Becoming the Sky

Even for those whose roots sink most deeply into the salty, seacoast soil, and whose lives blossom under the heat of a constant, coastal sun, summer brings ambivalence.

Eagerly anticipated through the long night of dormancy, desired for its warmth and coveted for its beauty, the Gulf Coast summer inevitably ends as a season of imprisonment.

With the rising of implacable heat and humidity, the pleasures of earlier, more temperate summer days begin slowly to devolve into a world of languid passivity. While a monotony of cicadas melds with the metallic hum of air conditioners, tendrils of lassitude twist their way into the heart’s smallest crevice, choking off energy and joy. (more…)

Where the Show Still Goes On

In retrospect, it seems fitting that Barnum and Bailey circus rider Josephine DeMott Robinson presided over the naming of the baby giraffe.

Working in tandem with acrobat Zella Florence, Josie already had encouraged an assortment of female animal trainers, wire walkers, hand balancers, dancers, and strong women (including Katie Sandwina, the “female Hercules”) to hold a suffrage rally at Madison Square Garden. Barnum & Bailey’s presentation of an elaborate, Cleopatra-themed show during its 1912 season seemed a perfect opportunity to introduce the world to its first circus suffrage society, not to mention the giraffe, soon to be named “Miss Suffrage.” (more…)

Feeding Bodies, Sustaining Souls

Many years younger, fairly well-traveled but still impressionable, I arrived in Berkeley during the 1970s: a relatively peaceful decade sandwiched between the tumultuous events of the University of California’s Free Speech Movement and the slightly less shattering Livermore earthquake.

Despite the unfortunate closures of the original Fillmore and Fillmore West prior to my arrival, there were consolations to be had. Afternoons, I lingered at Caffé Espresso, breathing in the scents of eucalyptus and French roast. Weekend trips across the Bay allowed for exploration of San Francisco’s tourist sites (Fisherman’s Wharf, North Beach, Chinatown) as well as increasingly confident forays into neighborhoods filled with fabulous architecture, tiny galleries, and expansive views.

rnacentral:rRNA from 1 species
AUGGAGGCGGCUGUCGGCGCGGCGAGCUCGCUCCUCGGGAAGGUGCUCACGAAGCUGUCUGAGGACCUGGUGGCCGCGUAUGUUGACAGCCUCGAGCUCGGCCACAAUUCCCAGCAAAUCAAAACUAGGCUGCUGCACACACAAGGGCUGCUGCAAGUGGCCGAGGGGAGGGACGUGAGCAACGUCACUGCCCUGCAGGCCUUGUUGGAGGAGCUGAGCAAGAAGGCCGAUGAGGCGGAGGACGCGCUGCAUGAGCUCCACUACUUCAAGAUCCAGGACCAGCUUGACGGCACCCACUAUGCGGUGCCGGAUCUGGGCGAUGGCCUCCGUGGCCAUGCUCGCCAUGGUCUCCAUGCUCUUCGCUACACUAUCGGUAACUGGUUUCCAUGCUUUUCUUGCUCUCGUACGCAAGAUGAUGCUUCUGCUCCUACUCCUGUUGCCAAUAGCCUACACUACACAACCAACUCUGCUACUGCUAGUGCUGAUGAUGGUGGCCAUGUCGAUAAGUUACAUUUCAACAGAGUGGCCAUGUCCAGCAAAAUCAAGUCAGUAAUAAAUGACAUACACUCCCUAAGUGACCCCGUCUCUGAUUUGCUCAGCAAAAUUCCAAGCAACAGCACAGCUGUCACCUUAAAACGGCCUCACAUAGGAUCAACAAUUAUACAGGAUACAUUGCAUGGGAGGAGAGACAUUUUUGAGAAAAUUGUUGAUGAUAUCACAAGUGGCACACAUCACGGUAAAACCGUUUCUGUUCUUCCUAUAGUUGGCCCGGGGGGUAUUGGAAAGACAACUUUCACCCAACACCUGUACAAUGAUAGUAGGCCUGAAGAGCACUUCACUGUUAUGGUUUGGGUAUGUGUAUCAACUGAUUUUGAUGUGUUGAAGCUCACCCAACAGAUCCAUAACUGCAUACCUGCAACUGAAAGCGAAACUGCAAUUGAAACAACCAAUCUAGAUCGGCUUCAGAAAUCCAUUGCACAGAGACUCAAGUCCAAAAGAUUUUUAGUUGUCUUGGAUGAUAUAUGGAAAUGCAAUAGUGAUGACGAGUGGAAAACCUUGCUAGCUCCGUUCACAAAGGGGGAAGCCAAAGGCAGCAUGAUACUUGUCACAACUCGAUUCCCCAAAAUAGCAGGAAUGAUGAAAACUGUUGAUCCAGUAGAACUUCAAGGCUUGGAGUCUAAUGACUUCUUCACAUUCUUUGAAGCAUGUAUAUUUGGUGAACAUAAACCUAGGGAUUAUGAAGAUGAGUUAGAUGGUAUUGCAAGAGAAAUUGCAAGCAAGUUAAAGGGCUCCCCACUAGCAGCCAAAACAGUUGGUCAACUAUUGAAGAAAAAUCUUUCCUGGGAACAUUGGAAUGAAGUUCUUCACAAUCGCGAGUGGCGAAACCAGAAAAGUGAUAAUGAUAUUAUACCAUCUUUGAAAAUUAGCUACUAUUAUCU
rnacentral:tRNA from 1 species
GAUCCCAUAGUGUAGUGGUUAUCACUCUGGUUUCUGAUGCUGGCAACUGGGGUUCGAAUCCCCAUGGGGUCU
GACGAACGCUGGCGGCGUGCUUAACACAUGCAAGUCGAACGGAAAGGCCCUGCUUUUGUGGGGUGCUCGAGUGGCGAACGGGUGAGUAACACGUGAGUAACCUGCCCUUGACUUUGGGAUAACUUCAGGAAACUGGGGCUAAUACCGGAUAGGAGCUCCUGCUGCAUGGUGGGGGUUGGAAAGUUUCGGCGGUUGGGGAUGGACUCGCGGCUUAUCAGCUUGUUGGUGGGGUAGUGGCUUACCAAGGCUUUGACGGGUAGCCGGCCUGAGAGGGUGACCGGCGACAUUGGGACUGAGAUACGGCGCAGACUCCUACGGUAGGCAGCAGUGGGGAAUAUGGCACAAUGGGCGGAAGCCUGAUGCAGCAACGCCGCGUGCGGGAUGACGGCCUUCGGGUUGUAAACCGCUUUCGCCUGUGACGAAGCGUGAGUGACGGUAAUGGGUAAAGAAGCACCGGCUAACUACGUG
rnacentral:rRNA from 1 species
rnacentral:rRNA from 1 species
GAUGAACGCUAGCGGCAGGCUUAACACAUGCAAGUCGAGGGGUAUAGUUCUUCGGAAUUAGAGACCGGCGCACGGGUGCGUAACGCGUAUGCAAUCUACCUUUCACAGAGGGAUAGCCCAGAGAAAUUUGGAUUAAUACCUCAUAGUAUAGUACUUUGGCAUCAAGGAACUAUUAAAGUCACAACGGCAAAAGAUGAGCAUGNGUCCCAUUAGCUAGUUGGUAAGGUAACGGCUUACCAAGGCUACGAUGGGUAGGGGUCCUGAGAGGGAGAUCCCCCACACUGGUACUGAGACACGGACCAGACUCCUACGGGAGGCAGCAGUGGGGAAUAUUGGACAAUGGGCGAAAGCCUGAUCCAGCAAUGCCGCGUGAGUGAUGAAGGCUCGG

Atop the Berkeley hills, views were as varied and compelling as anything available across the Bay. To the east lay Mt. Diablo, wheat straw dry or dusted with sunlit snow. To the west, San Francisco’s skyline shimmered by day and sparkled by night. In season, tendrils of fog twined their way around and through the Golden Gate, wrapping the Bridge in silence and the easy breath of dreams.
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Libation

Imagine a cup
rough-hewn and awkward.
Relic of an age less patterned,
its only gilt is memory,
its glaze a half-formed hope still dripping down the years.
Take the cup
and with your hand turn ’round
the shape of circumstance.
Recall the bitter wash of tides,
the lime-laden dust.
Remark sweet days blown free of darkness,
the wheeling flight of night-watch stars –
a heavens’ course secured by gods
more ancient than desire.
When dawn breaks among the olives,
silvering their still leaves,
and returning spring lies anchored fast
between cyclamen and almond,
whether we are there
or here
mornings once called common will cry for celebration.
Tip the cup!
In time, a timeless gesture
laving away centuries of civilized madness.
Lift your face
to laughter
spilling like sea-water over our limbs;
love
poured like sunlight into our eyes;
and tears,
the taste of ebbing time upon our lips.
                                                                              ~ Linda Leinen

 

Published in: on August 23, 2014 at 6:53 am  Comments (84)  
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Spelling It Out

“A man must be a damned fool, who can’t spell a word more than one way.”  ~ Nyrum Reynolds **

Even tucked into a thicket of dense, interwoven phrases, the word stood out. Spotting it, I circled back for another look, surprised by what I took to be an obvious misspelling.

It was March, 2009, and the blogger known as Aubrey was considering a bit of milkweed fluff.

Walking to work, I saw a very peculiar thing on the sidewalk.  Its color was soft and meek:  a whimsical fluff, a piece of delicate detritus which had somehow lost its way and now lay defenseless on the granite causeway.

The word that captured my attention was detritus. I’d lived for several decades knowing it as detrius, so my initial inclination was to believe that Aubrey had misspelled it.  Clearly, each of us was using it properly, and our spellings were close, but the different spellings meant different pronunciations — perhaps even different words.

I’d been reading Aubrey long enough to recognize her writing skills and admire her attention to detail, so a little exploration seemed in order. I didn’t expect to be the one who was wrong, but I was open to the possibility.
(more…)

Published in: on August 16, 2014 at 5:27 pm  Comments (130)  
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